Millions of living human beings are testimony to the beneficial consequences of therapeutic drug use, and millions of others are testimony to the detrimental consequences of drug misuse. We encourage wise policies relating to the availability of potentially beneficial or potentially damaging prescription and over-the-counter drugs; we urge that complete information about their use and misuse be readily available to both doctor and patient. We support the strict administration of laws regulating the sale and distribution of alcohol and controlled substances. We support regulations that protect society from users of drugs of any kind, including alcohol, where it can be shown that a clear and present social danger exists. Drug-dependent persons and their family members, including those who are assessed or diagnosed as dependent on alcohol, are individuals of infinite human worth deserving of treatment, rehabilitation, and ongoing life-changing recovery. Misuse or abuse may also require intervention, in order to prevent progression into dependence. Because of the frequent interrelationship between alcohol abuse and mental illness, we call upon legislators and health care providers to make available appropriate mental illness treatment and rehabilitation for drug-dependent persons. We commit ourselves to assisting those who suffer from abuse or dependence, and their families, in finding freedom through Jesus Christ and in finding good opportunities for treatment, for ongoing counseling, and for reintegration into society.
We affirm our historic tradition of high standards of personal discipline and social responsibility. In light of the overwhelming evidence that tobacco smoking and the use of smokeless tobacco are hazardous to the health of persons of all ages, we recommend total abstinence from the use of tobacco.
We urge that our educational and communication resources be utilized to support and encourage such abstinence. Further, we recognize the harmful effects of passive smoke and support the restriction of smoking in public areas and workplaces.
Physical and mental health has been greatly enhanced through discoveries by medical science. It is imperative, however, that governments and the medical profession carefully enforce the requirements of the prevailing medical research standard, maintaining rigid controls in testing new technologies and drugs utilizing human beings. The standard requires that those engaged in research shall use human beings as research subjects only after obtaining full, rational, and uncoerced consent.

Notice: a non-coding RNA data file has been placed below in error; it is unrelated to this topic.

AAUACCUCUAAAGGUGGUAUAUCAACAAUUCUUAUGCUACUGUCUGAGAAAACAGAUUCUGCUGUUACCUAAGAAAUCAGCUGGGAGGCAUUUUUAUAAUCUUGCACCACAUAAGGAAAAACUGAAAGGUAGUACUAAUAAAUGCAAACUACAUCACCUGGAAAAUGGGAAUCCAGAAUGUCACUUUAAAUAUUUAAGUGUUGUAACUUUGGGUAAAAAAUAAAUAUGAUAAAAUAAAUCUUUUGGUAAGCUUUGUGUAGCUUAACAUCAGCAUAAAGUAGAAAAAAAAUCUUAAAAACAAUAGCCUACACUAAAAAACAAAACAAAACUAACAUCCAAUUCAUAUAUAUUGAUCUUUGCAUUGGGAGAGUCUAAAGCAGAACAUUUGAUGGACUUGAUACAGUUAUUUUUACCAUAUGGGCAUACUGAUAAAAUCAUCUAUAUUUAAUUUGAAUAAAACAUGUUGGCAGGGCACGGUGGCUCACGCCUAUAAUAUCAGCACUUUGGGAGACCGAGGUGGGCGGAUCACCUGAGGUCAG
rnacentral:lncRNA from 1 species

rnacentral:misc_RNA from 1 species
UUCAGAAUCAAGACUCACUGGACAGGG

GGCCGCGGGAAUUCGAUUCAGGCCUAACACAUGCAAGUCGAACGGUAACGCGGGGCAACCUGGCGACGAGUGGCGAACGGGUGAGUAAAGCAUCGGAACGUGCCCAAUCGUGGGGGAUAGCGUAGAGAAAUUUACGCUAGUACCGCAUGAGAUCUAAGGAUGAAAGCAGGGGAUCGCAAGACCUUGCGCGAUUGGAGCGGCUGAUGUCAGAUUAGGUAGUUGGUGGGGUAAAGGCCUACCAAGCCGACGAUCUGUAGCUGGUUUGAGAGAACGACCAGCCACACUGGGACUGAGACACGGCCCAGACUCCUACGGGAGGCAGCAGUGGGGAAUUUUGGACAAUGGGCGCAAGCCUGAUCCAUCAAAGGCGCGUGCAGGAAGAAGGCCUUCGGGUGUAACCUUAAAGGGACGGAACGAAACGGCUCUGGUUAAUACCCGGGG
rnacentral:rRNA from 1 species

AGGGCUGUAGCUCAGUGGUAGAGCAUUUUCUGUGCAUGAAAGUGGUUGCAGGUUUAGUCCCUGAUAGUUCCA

The responsibility of humankind to God’s creation challenges us to deal carefully with and examine the possibilities of genetic research and technology in a conscientious, careful, and responsible way. We welcome the use of genetic technology for meeting fundamental human needs for health and a safe environment. We oppose the cloning of humans and the genetic manipulation of the gender of an unborn child.
Because of the effects of genetic technologies on all life, we call for effective guidelines and public accountability to safeguard against any action that might lead to abuse of these technologies, including political or military ends. We recognize that cautious, well-intended use of genetic technologies may sometimes lead to unanticipated harmful consequences. The risks of genetic technology that can hardly be calculated when breeding animals and plants and the negative ecological and social impacts on agriculture make the use of this technology doubtful. We approve modern methods of breeding that respect the existence of the natural borders of species.
Human gene therapies that produce changes that cannot be passed to offspring (somatic therapy) should be limited to the alleviation of suffering caused by disease. Genetic therapies for eugenic choices or that produce waste embryos are deplored. Genetic data of individuals and their families should be kept secret and held in strict confidence unless confidentiality is waived by the individual or by his or her family, or unless the collection and use of genetic identification data is supported by an appropriate court order. Because its long-term effects are uncertain, we oppose genetic therapy that results in changes that can be passed to offspring (germ-line therapy). All the genetic procedures must be accompanied by independent, ethically oriented measures of testing, approval, and control.